What are broken links?
Broken links are links on a webpage that lead to a URL that is no longer live.
This can either come about from either a site owner using an incorrect link to try and link to your site or they may be linking to an outdated URL.
Why you need to deal with them
Broken links could be stopping potential visitors or customers from reaching important pages of your site. URL’s change and external sites could be using old URL’s to link to your site. Or they could simply be using incorrect URLs.
By keeping on top of these you can ensure visitors always land on a live working page.
Google may also see unattended broken links or crawl errors as a sign that you aren’t maintaining your site. All things being equal in the search results, this could work against you.
How can you find them?
There are a number of ways you can uncover these errors.
Google Search Console will give you a report of external pages that are incorrectly linking to your site within their crawl error sections.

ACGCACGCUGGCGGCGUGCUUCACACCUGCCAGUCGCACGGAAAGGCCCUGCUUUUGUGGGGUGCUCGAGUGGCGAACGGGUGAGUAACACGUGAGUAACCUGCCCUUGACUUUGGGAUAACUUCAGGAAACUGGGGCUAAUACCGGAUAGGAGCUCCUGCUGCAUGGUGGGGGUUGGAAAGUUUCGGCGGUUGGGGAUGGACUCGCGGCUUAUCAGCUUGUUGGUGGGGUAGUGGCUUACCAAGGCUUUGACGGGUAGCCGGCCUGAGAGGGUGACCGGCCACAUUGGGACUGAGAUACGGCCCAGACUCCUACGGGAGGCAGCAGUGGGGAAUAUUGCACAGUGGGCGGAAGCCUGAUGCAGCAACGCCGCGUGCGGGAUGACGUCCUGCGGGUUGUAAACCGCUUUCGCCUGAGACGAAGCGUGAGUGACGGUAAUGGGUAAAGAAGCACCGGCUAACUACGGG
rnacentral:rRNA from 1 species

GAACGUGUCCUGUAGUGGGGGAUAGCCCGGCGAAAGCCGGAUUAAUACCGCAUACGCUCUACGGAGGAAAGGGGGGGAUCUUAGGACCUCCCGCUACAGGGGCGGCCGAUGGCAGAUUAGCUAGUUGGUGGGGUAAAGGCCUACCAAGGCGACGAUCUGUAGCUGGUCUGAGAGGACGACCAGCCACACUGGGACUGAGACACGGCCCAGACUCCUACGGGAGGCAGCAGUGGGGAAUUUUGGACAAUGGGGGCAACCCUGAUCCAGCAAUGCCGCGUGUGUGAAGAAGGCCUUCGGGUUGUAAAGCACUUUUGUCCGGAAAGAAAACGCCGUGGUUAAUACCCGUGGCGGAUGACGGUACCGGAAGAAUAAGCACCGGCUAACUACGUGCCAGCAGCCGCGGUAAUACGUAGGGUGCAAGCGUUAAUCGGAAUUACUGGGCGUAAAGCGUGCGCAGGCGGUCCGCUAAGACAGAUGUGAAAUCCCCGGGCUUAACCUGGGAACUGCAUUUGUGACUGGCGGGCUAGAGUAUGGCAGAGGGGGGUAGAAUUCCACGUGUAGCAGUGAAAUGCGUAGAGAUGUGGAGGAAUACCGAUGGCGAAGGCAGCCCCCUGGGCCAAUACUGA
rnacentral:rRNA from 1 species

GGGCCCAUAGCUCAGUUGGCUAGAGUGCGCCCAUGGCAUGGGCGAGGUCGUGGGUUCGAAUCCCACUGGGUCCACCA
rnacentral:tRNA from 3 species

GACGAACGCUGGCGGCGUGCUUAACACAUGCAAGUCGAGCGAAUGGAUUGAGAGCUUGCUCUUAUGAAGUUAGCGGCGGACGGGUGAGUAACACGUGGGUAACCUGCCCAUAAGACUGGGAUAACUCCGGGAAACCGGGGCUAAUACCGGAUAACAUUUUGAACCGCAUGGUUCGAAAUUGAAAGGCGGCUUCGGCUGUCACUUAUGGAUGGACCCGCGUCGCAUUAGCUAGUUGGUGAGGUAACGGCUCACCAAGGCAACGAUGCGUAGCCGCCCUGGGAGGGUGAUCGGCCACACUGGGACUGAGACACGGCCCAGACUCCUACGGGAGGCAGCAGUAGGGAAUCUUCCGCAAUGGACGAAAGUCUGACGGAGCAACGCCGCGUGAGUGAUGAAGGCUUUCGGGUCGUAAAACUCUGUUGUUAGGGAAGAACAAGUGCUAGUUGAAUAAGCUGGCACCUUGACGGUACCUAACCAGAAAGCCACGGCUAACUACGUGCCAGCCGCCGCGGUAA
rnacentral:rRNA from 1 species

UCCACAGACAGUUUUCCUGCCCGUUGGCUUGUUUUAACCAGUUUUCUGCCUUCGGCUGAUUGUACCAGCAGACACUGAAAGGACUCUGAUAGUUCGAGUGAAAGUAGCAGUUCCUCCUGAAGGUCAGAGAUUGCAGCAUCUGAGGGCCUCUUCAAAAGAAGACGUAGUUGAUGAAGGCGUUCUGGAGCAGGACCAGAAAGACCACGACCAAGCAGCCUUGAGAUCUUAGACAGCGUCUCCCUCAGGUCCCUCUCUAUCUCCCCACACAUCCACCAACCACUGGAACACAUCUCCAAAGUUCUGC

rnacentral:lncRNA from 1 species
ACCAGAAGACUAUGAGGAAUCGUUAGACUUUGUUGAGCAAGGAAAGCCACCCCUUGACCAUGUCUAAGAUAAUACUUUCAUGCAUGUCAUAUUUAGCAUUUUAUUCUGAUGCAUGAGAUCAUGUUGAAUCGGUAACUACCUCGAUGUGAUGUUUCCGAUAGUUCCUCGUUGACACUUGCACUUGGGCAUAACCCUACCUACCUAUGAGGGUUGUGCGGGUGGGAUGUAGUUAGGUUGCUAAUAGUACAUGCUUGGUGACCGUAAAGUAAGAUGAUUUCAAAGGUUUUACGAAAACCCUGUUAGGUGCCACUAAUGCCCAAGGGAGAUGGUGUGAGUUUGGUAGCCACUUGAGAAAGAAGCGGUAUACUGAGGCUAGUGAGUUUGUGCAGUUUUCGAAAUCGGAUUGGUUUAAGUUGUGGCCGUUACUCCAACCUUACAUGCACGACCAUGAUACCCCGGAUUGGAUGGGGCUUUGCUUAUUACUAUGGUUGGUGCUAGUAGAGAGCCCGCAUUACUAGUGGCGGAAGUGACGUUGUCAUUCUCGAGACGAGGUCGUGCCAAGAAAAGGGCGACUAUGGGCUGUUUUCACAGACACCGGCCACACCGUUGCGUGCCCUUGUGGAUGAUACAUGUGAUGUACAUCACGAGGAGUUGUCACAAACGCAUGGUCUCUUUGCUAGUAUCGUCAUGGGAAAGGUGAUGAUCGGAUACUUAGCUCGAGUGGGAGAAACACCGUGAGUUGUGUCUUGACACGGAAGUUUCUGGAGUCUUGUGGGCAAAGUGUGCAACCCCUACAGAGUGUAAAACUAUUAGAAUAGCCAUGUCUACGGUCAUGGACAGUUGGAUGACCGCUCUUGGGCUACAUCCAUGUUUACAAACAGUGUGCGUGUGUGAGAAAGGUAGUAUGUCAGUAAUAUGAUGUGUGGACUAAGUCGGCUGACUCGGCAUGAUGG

A tool like Xenu will crawl the site itself and give you a rundown of any internal links that need your attention.
What action should you be taking?
Once you have your list of broken URL’s, you need to try and marry these up to relevant live pages within the site.
The reason for this is that ideally, you want to send your visitors to a similar page as this is what they would be looking for when clicking the link in the first place.
Once you married up the broken links to live pages on your site, you need to set up commands within your .htaccess file called 301 redirects.
These simply inform search engines that an old link is no longer available and to go to a different page instead.
This will refresh the page the visitor can see and send them to a live page instead of an error page.
Internal broken links
As much as it is important that you keep on top of broken links coming from external sites, it is more important that you make sure you don’t have any internal broken links.
You may have set up links within your site that lead to a page you no longer have live or you may have changed its URL (but you haven’t updated the link). This can give Google the impression that the site isn’t well maintained or looked after. These broken links can also lead to a bad user experience.
Unlike the external broken links, internal ones are easier to fix.
All you need to do is simply replace the broken link for a correct one or remove the link altogether.
It is also important you don’t have any internal links that are redirected links. Google will question why you aren’t simply linking to the correct page in the first place.